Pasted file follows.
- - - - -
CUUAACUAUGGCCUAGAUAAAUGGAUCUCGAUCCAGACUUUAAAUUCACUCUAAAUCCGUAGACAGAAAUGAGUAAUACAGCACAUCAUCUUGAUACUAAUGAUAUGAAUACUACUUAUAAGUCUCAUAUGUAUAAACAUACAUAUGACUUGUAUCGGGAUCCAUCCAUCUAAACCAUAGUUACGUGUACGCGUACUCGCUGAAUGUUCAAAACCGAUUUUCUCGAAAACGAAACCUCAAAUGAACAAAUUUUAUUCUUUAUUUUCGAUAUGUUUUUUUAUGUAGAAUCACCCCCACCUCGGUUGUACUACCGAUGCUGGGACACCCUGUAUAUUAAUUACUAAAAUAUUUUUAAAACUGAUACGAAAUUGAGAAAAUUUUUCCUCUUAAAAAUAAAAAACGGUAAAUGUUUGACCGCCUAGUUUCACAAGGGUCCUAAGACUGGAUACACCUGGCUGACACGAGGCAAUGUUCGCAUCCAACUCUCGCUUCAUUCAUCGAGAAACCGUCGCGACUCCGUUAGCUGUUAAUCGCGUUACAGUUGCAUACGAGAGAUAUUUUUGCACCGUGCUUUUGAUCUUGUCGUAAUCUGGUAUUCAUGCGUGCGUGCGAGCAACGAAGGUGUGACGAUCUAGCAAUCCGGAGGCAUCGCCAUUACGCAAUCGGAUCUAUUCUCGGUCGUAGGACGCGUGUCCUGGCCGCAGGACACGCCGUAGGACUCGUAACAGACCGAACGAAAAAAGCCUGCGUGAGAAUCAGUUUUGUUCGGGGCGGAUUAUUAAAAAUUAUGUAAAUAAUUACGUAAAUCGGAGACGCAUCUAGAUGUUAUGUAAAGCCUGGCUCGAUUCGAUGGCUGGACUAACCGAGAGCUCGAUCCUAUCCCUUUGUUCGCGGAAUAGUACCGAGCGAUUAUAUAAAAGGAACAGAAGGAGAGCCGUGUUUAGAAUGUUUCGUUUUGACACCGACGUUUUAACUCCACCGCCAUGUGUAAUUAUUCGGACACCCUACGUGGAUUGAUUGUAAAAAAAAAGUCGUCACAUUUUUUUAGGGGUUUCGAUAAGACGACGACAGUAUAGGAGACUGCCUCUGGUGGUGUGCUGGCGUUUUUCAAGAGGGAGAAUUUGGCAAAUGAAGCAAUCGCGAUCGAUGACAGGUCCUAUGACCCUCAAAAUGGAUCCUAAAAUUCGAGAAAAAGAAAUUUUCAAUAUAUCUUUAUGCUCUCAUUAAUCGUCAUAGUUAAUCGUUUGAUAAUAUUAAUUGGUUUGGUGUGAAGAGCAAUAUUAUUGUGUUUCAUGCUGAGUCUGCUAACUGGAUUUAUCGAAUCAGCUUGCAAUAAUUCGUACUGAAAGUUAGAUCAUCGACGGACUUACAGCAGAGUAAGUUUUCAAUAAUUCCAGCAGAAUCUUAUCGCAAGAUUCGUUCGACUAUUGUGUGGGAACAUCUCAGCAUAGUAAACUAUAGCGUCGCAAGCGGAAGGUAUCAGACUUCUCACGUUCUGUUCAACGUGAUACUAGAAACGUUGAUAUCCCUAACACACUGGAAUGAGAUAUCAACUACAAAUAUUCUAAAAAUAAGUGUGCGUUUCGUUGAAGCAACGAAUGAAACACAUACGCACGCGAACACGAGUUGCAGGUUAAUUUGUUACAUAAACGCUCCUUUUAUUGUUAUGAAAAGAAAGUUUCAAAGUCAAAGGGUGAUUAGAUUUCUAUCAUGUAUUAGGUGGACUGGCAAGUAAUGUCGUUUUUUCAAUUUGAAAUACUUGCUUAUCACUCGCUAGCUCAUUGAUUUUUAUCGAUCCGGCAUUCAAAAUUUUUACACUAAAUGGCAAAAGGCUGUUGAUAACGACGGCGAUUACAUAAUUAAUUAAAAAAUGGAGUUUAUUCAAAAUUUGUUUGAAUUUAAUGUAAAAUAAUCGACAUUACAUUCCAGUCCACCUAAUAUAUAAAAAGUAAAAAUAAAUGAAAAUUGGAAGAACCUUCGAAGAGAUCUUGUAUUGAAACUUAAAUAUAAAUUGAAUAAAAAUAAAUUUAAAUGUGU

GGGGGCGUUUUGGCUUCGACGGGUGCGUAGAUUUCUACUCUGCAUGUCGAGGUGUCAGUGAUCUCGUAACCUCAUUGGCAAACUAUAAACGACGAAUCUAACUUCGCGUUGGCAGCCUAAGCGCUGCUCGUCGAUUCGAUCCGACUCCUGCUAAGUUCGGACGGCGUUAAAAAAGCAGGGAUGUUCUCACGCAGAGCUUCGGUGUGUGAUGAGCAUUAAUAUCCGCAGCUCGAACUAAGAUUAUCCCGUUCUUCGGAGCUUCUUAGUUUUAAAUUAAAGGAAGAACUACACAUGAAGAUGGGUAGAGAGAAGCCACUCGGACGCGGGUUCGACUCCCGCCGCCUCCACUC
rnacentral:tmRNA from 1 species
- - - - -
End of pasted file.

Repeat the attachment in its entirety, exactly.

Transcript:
CUUAACUAUGGCCUAGAUAAAUGGAUCUCGAUCCAGACUUUAAAUUCACUCUAAAUCCGUAGACAGAAAUGAGUAAUACAGCACAUCAUCUUGAUACUAAUGAUAUGAAUACUACUUAUAAGUCUCAUAUGUAUAAACAUACAUAUGACUUGUAUCGGGAUCCAUCCAUCUAAACCAUAGUUACGUGUACGCGUACUCGCUGAAUGUUCAAAACCGAUUUUCUCGAAAACGAAACCUCAAAUGAACAAAUUUUAUUCUUUAUUUUCGAUAUGUUUUUUUAUGUAGAAUCACCCCCACCUCGGUUGUACUACCGAUGCUGGGACACCCUGUAUAUUAAUUACUAAAAUAUUUUUAAAACUGAUACGAAAUUGAGAAAAUUUUUCCUCUUAAAAAUAAAAAACGGUAAAUGUUUGACCGCCUAGUUUCACAAGGGUCCUAAGACUGGAUACACCUGGCUGACACGAGGCAAUGUUCGCAUCCAACUCUCGCUUCAUUCAUCGAGAAACCGUCGCGACUCCGUUAGCUGUUAAUCGCGUUACAGUUGCAUACGAGAGAUAUUUUUGCACCGUGCUUUUGAUCUUGUCGUAAUCUGGUAUUCAUGCGUGCGUGCGAGCAACGAAGGUGUGACGAUCUAGCAAUCCGGAGGCAUCGCCAUUACGCAAUCGGAUCUAUUCUCGGUCGUAGGACGCGUGUCCUGGCCGCAGGACACGCCGUAGGACUCGUAACAGACCGAACGAAAAAAGCCUGCGUGAGAAUCAGUUUUGUUCGGGGCGGAUUAUUAAAAAUUAUGUAAAUAAUUACGUAAAUCGGAGACGCAUCUAGAUGUUAUGUAAAGCCUGGCUCGAUUCGAUGGCUGGACUAACCGAGAGCUCGAUCCUAUCCCUUUGUUCGCGGAAUAGUACCGAGCGAUUAUAUAAAAGGAACAGAAGGAGAGCCGUGUUUAGAAUGUUUCGUUUUGACACCGACGUUUUAACUCCACCGCCAUGUGUAAUUAUUCGGACACCCUACGUGGAUUGAUUGUAAAAAAAAAGUCGUCACAUUUUUUUAGGGGUUUCGAUAAGACGACGACAGUAUAGGAGACUGCCUCUGGUGGUGUGCUGGCGUUUUUCAAGAGGGAGAAUUUGGCAAAUGAAGCAAUCGCGAUCGAUGACAGGUCCUAUGACCCUCAAAAUGGAUCCUAAAAUUCGAGAAAAAGAAAUUUUCAAUAUAUCUUUAUGCUCUCAUUAAUCGUCAUAGUUAAUCGUUUGAUAAUAUUAAUUGGUUUGGUGUGAAGAGCAAUAUUAUUGUGUUUCAUGCUGAGUCUGCUAACUGGAUUUAUCGAAUCAGCUUGCAAUAAUUCGUACUGAAAGUUAGAUCAUCGACGGACUUACAGCAGAGUAAGUUUUCAAUAAUUCCAGCAGAAUCUUAUCGCAAGAUUCGUUCGACUAUUGUGUGGGAACAUCUCAGCAUAGUAAACUAUAGCGUCGCAAGCGGAAGGUAUCAGACUUCUCACGUUCUGUUCAACGUGAUACUAGAAACGUUGAUAUCCCUAACACACUGGAAUGAGAUAUCAACUACAAAUAUUCUAAAAAUAAGUGUGCGUUUCGUUGAAGCAACGAAUGAAACACAUACGCACGCGAACACGAGUUGCAGGUUAAUUUGUUACAUAAACGCUCCUUUUAUUGUUAUGAAAAGAAAGUUUCAAAGUCAAAGGGUGAUUAGAUUUCUAUCAUGUAUUAGGUGGACUGGCAAGUAAUGUCGUUUUUUCAAUUUGAAAUACUUGCUUAUCACUCGCUAGCUCAUUGAUUUUUAUCGAUCCGGCAUUCAAAAUUUUUACACUAAAUGGCAAAAGGCUGUUGAUAACGACGGCGAUUACAUAAUUAAUUAAAAAAUGGAGUUUAUUCAAAAUUUGUUUGAAUUUAAUGUAAAAUAAUCGACAUUACAUUCCAGUCCACCUAAUAUAUAAAAAGUAAAAAUAAAUGAAAAUUGGAAGAACCUUCGAAGAGAUCUUGUAUUGAAACUUAAAUAUAAAUUGAAUAAAAAUAAAUUUAAAUGUGU

GGGGGCGUUUUGGCUUCGACGGGUGCGUAGAUUUCUACUCUGCAUGUCGAGGUGUCAGUGAUCUCGUAACCUCAUUGGCAAACUAUAAACGACGAAUCUAACUUCGCGUUGGCAGCCUAAGCGCUGCUCGUCGAUUCGAUCCGACUCCUGCUAAGUUCGGACGGCGUUAAAAAAGCAGGGAUGUUCUCACGCAGAGCUUCGGUGUGUGAUGAGCAUUAAUAUCCGCAGCUCGAACUAAGAUUAUCCCGUUCUUCGGAGCUUCUUAGUUUUAAAUUAAAGGAAGAACUACACAUGAAGAUGGGUAGAGAGAAGCCACUCGGACGCGGGUUCGACUCCCGCCGCCUCCACUC
rnacentral:tmRNA from 1 species